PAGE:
The NATA Accredited Graduate Athletic Training Program at Illinois State University provides students with advanced knowledge in athletic training focused in the area of application of various manual therapy techniques and biomechanical principals related to the prevention, evaluation, and treatment of musculoskeletal pathologies.
The curriculum focuses on critical inquiry and reasoning for certified athletic trainers. The sequence requirements incorporate a variety of teaching methods, philosophies, and experiences to facilitate practical knowledge beyond that of an entry-level athletic trainer, thereby providing the student a unique opportunity to learn different ideologies and skills within sports medicine.
Recent graduates have earned positions with high schools, universities, professional sports, sports medicine clinics, hospitals, fitness clubs, research laboratories, and industrial settings. Others have continued on to earn a terminal degree in sports medicine or education.
Mission of the Graduate Athletic Training Education Program
The mission of the Graduate Athletic Training Education Program at Illinois State University is to provide students with the progressive education and professional development necessary for an advanced degree within the profession of athletic training. Students become engaged in fostering advanced knowledge and research through diverse perspectives that lead to the development of practical skills and dissemination of new knowledge for current and future practitioners and educators in athletic training.
Rebecca Begalle, Ph.D., University of North Carolina Chapel Hill, Human Movement Science
Lower extremity injury biomechanics, neuromuscular and biomechanical consequences of injury, optimizing human movement, ACL injury prevention.
Noelle Selkow, Ph.D., University of Virginia, Coordinator of Graduate Athletic Training Education
Musculoskeletal imaging, muscle blood flow with modality use, muscle energy technique, and low back pain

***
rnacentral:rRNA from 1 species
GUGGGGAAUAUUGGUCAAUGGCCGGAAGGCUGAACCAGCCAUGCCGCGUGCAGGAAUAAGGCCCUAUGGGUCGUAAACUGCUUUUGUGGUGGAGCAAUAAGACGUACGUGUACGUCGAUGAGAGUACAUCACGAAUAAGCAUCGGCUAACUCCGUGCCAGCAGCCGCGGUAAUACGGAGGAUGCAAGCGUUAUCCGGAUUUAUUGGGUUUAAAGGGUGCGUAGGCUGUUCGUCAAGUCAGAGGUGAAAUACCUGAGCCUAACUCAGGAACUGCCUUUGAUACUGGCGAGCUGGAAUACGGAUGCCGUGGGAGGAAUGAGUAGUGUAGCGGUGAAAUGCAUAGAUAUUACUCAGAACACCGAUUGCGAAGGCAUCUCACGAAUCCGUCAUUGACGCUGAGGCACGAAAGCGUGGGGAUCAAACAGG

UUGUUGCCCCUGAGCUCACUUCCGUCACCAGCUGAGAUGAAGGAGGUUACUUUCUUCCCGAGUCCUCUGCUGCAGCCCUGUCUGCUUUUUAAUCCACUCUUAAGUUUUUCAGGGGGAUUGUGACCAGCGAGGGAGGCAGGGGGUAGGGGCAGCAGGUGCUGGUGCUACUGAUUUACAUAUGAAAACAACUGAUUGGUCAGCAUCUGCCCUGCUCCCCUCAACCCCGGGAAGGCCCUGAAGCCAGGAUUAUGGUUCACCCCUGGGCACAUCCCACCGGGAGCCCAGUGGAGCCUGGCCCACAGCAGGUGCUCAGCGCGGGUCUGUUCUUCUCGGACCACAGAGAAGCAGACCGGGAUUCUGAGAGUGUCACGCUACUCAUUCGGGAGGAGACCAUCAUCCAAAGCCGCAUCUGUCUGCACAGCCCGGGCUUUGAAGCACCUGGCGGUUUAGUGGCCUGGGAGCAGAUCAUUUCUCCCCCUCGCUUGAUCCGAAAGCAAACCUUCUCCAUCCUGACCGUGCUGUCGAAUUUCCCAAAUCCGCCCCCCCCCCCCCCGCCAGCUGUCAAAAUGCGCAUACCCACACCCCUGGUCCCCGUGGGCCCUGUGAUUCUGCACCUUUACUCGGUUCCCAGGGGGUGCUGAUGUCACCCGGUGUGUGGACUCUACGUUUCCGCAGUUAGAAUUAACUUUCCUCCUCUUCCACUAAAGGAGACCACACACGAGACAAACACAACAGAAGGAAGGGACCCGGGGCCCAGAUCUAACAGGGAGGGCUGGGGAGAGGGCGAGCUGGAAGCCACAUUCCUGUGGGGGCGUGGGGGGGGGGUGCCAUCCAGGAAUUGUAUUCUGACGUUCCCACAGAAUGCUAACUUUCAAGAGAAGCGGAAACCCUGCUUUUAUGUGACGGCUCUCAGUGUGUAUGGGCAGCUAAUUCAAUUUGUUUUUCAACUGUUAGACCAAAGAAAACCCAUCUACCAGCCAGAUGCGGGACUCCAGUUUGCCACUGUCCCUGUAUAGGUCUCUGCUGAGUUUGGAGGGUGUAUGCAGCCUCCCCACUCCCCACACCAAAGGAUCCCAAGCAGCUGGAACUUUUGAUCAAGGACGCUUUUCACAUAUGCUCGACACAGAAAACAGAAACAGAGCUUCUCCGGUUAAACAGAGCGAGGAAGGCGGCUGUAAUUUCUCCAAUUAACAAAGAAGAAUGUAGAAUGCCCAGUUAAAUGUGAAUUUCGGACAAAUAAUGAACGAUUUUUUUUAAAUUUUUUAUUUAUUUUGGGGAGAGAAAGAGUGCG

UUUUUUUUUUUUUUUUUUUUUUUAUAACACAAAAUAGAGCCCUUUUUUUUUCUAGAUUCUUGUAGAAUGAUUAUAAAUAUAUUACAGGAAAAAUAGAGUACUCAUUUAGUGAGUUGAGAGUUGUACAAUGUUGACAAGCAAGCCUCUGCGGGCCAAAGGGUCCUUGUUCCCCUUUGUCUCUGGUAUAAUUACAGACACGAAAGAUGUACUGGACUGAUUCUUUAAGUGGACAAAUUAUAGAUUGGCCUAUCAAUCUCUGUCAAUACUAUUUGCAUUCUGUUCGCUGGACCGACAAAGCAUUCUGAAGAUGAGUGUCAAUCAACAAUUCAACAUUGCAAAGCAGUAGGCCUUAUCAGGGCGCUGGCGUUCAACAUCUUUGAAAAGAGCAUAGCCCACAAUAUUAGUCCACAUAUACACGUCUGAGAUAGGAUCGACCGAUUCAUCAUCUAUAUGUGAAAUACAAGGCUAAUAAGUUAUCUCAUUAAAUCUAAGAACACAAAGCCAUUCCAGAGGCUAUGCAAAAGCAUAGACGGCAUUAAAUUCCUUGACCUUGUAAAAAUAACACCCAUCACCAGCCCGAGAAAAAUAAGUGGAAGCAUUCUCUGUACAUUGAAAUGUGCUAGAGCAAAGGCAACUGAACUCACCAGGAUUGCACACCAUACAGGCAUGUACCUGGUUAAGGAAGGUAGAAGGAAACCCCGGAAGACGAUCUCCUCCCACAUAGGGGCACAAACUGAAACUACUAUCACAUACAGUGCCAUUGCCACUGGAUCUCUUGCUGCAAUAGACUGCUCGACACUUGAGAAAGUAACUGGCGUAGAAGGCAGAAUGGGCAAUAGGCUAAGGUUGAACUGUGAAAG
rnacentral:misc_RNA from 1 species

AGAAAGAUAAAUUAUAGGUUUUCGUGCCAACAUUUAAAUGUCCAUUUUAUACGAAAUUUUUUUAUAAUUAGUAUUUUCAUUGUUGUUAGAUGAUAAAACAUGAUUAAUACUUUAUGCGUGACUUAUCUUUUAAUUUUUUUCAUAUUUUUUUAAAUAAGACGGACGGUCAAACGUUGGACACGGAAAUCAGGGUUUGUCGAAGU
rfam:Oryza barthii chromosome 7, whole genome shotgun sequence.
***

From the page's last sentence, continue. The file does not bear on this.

Justin Stanek, Ed.D., Illinois State University, Program Director of Undergraduate Athletic Training
Athletic injuries to the lower extremity, disability and functional scale models, Graston technique, and athletic training education
Students admitted to the graduate athletic training program must complete a minimum of 33 total credit hours, including 6 credit hours in the research core, 15 credit hours in the athletic training sequence, 3 to 6 credit hours in a cognate area, 3 credit professional practice, and either 6 credit hours of thesis or 3 credit hours of an advisor-approved independent study project. This curriculum is outlined below:
Cognate Area - 3 hours (for thesis option) or 6 hours (for non-thesis option) in courses approved by your graduate advisor
Culminating Experience - 3-6 hours with approval by your graduate advisor
Your course schedule will be as follows:
|Fall 1st yr||Spring 1st yr||Fall 2nd yr||Spring 2nd yr|
|490||482||498||400 & cognate**|
|497||486||499* or cognate**||499 & cognate*|
* Thesis student
Prospective students who meet the requirements of the KNR Graduate Program must have graduated from a CAATE accredited undergraduate athletic training program. Those students who desire an athletic training graduate assistantship should be BOC-certified and have applied for Illinois Licensure as an athletic trainer by August of the first year of admission. GA positions are typically available with Illinois State Athletics, Illinois Wesleyan University Athletics, local high schools, and local sports medicine clinics. There are also instructional opportunities with the School of KNR.
Application materials for State licensure are available.
Contact Dr. Noelle Selkow, Athletic Training Graduate Program Director